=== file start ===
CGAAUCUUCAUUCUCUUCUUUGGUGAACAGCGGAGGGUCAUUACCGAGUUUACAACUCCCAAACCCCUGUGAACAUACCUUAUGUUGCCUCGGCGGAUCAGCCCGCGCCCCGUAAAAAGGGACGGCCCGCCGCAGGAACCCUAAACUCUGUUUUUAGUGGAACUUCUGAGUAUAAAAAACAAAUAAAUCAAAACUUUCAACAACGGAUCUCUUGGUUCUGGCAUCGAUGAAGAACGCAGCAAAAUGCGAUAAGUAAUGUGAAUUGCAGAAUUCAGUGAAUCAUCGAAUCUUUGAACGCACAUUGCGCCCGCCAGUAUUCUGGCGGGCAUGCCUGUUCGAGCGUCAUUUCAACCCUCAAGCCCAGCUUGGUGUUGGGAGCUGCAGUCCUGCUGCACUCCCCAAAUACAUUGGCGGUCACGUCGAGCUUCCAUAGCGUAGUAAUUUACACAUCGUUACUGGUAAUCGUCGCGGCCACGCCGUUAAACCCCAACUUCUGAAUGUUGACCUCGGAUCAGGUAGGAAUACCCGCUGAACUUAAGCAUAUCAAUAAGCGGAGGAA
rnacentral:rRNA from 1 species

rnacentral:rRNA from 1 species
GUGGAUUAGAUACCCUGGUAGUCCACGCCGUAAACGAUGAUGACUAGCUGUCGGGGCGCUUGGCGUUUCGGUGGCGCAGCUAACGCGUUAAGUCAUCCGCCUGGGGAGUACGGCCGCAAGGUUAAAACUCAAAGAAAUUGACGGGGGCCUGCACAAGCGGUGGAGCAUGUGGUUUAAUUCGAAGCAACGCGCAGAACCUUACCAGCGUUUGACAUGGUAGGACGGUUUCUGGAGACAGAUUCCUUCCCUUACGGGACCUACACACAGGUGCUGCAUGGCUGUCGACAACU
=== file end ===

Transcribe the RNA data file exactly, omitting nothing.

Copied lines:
CGAAUCUUCAUUCUCUUCUUUGGUGAACAGCGGAGGGUCAUUACCGAGUUUACAACUCCCAAACCCCUGUGAACAUACCUUAUGUUGCCUCGGCGGAUCAGCCCGCGCCCCGUAAAAAGGGACGGCCCGCCGCAGGAACCCUAAACUCUGUUUUUAGUGGAACUUCUGAGUAUAAAAAACAAAUAAAUCAAAACUUUCAACAACGGAUCUCUUGGUUCUGGCAUCGAUGAAGAACGCAGCAAAAUGCGAUAAGUAAUGUGAAUUGCAGAAUUCAGUGAAUCAUCGAAUCUUUGAACGCACAUUGCGCCCGCCAGUAUUCUGGCGGGCAUGCCUGUUCGAGCGUCAUUUCAACCCUCAAGCCCAGCUUGGUGUUGGGAGCUGCAGUCCUGCUGCACUCCCCAAAUACAUUGGCGGUCACGUCGAGCUUCCAUAGCGUAGUAAUUUACACAUCGUUACUGGUAAUCGUCGCGGCCACGCCGUUAAACCCCAACUUCUGAAUGUUGACCUCGGAUCAGGUAGGAAUACCCGCUGAACUUAAGCAUAUCAAUAAGCGGAGGAA
rnacentral:rRNA from 1 species

rnacentral:rRNA from 1 species
GUGGAUUAGAUACCCUGGUAGUCCACGCCGUAAACGAUGAUGACUAGCUGUCGGGGCGCUUGGCGUUUCGGUGGCGCAGCUAACGCGUUAAGUCAUCCGCCUGGGGAGUACGGCCGCAAGGUUAAAACUCAAAGAAAUUGACGGGGGCCUGCACAAGCGGUGGAGCAUGUGGUUUAAUUCGAAGCAACGCGCAGAACCUUACCAGCGUUUGACAUGGUAGGACGGUUUCUGGAGACAGAUUCCUUCCCUUACGGGACCUACACACAGGUGCUGCAUGGCUGUCGACAACU